Turquoisine Grass Parakeet

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Scientific Name: Neophenta pulchella

Origin: New South Wales, Victoria and South Australia

This brightly colored parakeet is easy to manage, feed and breed. It may be kept with other parrot like species, such as Bourke's Parakeet, if the aviary is fairly large. It becomes active in the evening, but is quiet and lethargic during the day. It needs plenty of flying space. A frost-proof shelter is required for bad weather.


Size: 20 cm (8 in)


Body: green. Lures and cheeks: turquoise-blue. Throat and chest: yellow. Wings: blue and chestnut red. Beak: horn color. Legs: yellowish-grey.


Similar, but duller colors. No chestnut red on wings. Less blue on face.

Diet: (Seedeater)

Mixed millets, plain canary seed and sunflower seed form the basic diet.

Green food and a liberal quantity of maw seed are appreciated. Soaked and sprouted seeds should be fed at all times. Grit and cuttlefish bone must always be provided.

Turqoisine Grass Parakeet Breeding:

The courtship display of the cock includes a soft whistling smug. Nest boxes should he provided for breeding pairs and they often use a budgerigar nesting box. The base should be filled with damp moss or wood pulp.

Four to five eggs are laid and the hen incubates alone. The incubation period is17 to 19 days. The cock bird feeds her while she is sitting and for a further few days after the chicks have hatched. Both parents then feed the young. Rearing food should include soaked and sprouted seeds, soaked bread, green food and maw seed. Young birds should not be allowed to breed until they attain two years of age.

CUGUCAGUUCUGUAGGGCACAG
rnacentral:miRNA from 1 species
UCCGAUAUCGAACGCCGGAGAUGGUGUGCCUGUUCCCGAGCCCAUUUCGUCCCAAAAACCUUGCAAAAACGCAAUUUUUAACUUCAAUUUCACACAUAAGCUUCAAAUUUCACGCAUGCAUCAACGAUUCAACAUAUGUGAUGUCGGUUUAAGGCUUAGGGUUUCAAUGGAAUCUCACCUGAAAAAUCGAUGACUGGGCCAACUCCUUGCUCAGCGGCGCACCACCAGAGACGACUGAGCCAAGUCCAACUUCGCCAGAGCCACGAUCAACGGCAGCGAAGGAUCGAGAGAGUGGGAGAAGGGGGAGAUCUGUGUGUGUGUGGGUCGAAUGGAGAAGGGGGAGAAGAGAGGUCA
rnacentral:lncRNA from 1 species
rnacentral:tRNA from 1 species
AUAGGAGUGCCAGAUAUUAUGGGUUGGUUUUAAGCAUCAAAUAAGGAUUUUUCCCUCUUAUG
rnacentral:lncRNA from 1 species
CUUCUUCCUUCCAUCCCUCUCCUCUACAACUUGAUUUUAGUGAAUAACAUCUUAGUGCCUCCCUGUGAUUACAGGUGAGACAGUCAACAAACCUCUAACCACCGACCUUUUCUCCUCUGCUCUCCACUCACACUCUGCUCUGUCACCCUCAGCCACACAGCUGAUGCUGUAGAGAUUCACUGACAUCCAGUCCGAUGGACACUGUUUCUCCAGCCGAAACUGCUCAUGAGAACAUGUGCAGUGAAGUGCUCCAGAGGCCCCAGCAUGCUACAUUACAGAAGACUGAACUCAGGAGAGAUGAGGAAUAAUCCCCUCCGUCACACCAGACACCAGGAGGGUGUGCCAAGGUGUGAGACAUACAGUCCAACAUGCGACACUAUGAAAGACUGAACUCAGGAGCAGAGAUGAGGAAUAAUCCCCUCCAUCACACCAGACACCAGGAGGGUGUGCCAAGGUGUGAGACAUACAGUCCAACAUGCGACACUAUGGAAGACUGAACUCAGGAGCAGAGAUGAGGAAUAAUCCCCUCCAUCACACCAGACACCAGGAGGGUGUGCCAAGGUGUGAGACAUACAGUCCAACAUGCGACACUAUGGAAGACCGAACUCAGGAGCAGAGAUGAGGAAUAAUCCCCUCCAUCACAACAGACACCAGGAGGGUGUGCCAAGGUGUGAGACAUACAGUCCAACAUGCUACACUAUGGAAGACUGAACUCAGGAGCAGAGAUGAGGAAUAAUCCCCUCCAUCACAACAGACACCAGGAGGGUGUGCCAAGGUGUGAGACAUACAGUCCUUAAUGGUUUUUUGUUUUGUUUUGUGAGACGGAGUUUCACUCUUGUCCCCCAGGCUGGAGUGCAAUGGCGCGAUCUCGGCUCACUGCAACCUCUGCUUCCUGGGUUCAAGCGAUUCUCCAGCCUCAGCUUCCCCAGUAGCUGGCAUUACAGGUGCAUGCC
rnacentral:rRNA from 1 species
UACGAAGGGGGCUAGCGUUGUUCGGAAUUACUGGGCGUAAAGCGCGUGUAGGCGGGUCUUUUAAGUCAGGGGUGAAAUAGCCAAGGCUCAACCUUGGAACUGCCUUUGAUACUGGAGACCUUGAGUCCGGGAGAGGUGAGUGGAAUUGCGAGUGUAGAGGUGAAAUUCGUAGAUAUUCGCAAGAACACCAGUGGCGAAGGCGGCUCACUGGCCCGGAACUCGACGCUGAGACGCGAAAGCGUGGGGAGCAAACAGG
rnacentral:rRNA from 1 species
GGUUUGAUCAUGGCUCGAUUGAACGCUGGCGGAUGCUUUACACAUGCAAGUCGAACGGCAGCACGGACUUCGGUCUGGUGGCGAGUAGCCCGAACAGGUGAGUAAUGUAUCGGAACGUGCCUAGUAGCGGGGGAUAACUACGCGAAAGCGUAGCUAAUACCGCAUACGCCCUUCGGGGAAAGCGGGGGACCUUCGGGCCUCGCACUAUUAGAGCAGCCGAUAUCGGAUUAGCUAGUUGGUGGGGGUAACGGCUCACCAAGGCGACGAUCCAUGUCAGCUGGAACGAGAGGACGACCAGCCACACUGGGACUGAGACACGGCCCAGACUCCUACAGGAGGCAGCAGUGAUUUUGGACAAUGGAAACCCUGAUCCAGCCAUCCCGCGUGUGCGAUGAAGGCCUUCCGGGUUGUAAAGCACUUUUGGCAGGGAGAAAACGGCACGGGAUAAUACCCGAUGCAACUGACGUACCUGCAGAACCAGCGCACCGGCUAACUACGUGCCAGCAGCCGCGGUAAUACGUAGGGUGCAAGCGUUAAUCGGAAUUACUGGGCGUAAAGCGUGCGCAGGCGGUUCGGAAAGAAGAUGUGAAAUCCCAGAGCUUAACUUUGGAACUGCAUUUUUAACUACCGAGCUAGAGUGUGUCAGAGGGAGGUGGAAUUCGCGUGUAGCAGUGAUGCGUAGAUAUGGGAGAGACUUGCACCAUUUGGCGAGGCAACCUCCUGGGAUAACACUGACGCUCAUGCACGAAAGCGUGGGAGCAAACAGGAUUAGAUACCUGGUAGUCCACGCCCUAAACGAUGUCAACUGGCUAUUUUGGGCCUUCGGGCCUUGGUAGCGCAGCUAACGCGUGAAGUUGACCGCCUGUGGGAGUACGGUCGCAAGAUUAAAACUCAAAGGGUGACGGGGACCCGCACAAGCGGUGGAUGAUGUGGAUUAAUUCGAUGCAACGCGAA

Turquoisine Grass Parakeet Information

  • The turquoisine grass parakeet is found in the rain forests of Australia, areas like south east of Queensland and northern part of central Victoria. The birds are commonly seen in woodland areas and open grass lands. Generally the woodlands consist of the timber and creeks lined with trees. Though far from being extinct the trading of the bird is protected by the laws passed out by the Australian government.
  • The bird stays in small groups but sometimes they can be found in flocks of 30 to 40 birds. The birds have a erratic direction of flight and are often fluttery in nature.
  • The bird produces mainly of two types of call. One call has a soft soothing tone while the other is weak twittering sound produced by the bird when feeding itself.
  • In wild the breeding season for the bird starts from the month of Augusts and ends in December.
  • The bird is very fertile in nature and is capable to breed at an early age of 5 months.
  • The male bird becomes very aggressive during the breeding season.
  • The bird in wild prefers to build their nests in hollows that are usually at a height of around 1 meter from the ground. The hollow nests of the bird consist of hollows in the tree trunks, dead tree stumps, fence posts and such.

With the aid of selective breeding the turquoisine grass parakeets can be bred into a varied range of colors in captivity.

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